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I think that the best way to explain what the double stack constructions is to show how it works in this specific example--unfortunately this means I have to go through a lot of ground work.
Consider two generators of a free-group 1 and 2 and say their inverses are 3 and 4. Now, we want to generate all the words in the group (combinations of 1-4 that do not have 1's besides 3's or 2's besides 4's--they would cancel each other) whose length is N or less. So a simple case would be for N equals 2-- 1, 11, 12, 14, 2, 21, 22, 23, 3, 32, 33, 34, 4, 41, 43, 44. A nice way to make all of the words is to use a finite state machine. The finite state machine would look like the diagram--0 is the initial state of the machine.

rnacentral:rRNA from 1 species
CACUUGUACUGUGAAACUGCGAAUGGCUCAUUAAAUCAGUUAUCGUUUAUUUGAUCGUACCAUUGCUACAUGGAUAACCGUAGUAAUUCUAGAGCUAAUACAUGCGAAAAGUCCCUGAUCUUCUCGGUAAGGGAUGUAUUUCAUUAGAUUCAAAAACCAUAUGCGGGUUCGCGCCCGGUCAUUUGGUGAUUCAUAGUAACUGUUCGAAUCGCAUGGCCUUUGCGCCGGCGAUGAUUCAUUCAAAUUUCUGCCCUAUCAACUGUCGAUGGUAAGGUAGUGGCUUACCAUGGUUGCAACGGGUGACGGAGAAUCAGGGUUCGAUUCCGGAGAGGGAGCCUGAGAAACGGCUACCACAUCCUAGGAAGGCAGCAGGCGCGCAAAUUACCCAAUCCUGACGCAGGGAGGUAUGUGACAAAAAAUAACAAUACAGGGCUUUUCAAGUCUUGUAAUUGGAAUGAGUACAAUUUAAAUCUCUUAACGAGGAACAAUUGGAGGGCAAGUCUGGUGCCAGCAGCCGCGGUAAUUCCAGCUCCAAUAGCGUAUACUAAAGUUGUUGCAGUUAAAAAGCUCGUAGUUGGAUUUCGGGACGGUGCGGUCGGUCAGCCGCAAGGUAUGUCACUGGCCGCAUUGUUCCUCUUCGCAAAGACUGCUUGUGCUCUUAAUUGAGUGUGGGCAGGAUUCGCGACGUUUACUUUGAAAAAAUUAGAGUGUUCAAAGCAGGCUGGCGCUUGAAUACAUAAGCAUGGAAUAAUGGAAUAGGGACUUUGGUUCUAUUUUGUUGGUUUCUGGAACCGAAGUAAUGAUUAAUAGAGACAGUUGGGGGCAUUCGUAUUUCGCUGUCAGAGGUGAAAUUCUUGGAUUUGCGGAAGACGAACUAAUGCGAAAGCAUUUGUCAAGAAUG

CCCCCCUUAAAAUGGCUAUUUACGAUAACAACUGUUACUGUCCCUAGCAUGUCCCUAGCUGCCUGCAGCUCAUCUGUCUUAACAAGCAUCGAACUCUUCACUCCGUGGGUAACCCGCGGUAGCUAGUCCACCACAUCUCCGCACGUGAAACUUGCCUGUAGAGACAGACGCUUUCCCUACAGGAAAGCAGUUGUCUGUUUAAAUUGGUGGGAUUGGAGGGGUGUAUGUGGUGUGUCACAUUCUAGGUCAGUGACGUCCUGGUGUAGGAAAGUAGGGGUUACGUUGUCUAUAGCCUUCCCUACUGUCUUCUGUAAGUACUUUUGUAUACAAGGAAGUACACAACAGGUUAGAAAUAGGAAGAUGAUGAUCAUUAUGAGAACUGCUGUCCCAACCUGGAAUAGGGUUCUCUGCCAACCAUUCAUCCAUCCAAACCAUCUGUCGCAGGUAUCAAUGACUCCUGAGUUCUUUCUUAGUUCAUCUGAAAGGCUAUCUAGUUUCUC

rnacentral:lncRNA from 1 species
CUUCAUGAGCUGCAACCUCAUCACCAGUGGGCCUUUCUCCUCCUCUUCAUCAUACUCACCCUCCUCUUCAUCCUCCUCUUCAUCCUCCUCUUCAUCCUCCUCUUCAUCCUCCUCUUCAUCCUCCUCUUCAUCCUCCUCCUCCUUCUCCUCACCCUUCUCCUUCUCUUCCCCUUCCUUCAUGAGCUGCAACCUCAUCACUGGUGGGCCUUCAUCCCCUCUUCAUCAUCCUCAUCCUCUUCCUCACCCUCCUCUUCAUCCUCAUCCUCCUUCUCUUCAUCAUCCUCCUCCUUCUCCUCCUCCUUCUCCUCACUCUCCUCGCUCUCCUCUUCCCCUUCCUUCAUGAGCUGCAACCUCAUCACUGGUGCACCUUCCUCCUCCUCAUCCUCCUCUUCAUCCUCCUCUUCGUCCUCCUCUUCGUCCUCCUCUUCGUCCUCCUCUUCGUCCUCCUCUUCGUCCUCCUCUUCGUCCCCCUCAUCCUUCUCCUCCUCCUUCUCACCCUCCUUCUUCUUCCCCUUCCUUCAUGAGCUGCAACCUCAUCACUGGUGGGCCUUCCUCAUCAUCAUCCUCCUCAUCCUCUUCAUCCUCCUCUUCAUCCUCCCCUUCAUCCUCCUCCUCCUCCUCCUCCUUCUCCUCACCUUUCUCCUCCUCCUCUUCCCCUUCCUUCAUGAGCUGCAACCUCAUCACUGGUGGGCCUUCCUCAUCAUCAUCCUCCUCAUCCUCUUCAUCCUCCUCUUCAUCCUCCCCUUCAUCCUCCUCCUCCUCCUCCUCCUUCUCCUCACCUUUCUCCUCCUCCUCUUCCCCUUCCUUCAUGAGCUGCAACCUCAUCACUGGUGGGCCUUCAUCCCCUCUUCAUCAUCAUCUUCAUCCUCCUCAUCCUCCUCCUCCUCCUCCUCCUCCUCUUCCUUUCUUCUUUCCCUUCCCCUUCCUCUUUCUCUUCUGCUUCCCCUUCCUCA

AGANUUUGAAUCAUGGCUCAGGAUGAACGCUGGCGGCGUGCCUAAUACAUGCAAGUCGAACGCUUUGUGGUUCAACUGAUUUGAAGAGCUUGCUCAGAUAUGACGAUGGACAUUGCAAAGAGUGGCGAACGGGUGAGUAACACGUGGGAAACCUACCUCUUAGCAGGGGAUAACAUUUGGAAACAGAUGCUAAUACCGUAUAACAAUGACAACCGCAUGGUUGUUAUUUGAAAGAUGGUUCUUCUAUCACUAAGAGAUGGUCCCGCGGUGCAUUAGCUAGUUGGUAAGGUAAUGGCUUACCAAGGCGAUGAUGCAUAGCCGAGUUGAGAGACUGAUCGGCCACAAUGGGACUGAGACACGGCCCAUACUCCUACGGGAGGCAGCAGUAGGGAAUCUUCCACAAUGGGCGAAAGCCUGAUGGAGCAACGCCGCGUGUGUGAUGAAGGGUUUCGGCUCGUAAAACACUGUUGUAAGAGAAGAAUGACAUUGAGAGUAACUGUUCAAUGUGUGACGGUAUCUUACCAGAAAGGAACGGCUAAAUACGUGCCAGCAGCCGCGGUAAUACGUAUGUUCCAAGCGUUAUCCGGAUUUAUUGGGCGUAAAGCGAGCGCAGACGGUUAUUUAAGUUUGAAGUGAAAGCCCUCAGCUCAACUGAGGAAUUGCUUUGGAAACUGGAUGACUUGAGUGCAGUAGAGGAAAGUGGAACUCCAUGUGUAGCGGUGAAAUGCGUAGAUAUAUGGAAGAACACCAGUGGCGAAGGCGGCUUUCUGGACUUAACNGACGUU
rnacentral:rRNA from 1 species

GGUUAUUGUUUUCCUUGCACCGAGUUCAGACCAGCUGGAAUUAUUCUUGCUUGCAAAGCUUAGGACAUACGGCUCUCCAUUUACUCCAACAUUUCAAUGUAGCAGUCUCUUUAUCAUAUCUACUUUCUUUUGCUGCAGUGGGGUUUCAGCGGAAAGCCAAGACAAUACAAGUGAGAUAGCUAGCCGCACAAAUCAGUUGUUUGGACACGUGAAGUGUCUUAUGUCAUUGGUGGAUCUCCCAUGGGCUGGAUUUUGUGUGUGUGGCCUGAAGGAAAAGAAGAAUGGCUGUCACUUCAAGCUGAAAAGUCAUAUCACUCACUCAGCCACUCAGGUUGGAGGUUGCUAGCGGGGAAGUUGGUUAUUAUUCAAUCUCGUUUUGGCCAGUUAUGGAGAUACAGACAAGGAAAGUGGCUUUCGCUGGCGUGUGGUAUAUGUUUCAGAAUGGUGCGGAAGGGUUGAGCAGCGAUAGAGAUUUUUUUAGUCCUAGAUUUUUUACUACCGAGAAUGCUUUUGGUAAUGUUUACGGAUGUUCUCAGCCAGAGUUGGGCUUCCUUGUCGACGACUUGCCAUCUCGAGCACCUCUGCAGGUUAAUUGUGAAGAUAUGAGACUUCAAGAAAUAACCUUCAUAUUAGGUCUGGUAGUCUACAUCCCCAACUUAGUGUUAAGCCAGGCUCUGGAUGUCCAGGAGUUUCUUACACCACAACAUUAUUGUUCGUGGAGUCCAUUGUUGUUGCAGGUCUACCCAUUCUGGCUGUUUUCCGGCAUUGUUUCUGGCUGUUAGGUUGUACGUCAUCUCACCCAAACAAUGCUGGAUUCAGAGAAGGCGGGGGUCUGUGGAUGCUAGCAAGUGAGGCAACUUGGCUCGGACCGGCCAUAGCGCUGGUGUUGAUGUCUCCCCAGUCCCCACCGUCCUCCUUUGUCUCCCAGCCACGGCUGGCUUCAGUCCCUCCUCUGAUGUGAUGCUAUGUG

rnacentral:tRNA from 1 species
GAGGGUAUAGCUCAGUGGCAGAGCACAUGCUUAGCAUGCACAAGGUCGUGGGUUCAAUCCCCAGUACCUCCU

Since the generators of this group ends up to be a mobius transformation we don't want to have to recalculate anything that we have already done. For instance, if we have already calculated 12222 we don't want to start again to calculate 122222 or 122223. So we have 2 stacks: one called "hold" and another called "branch".
The branch stack contains a path to the current position on the tree. Each path marker contains a group member and the state. The hold stack holds the branches that are on hold (luckily numbers don't get too upset by being put on hold--this will be a last in first out so the first number in has to wait a long time). The hold stack only contains a depth and a state--a number between 1 and 4. The depth indicates where on the branch it's waiting to be put.
The following is an example of the double stack running with N, the maximum length of word, set at 2. Here the format is (state, length or depth).
initially the stacks look like this--I means the identityhome | Contents |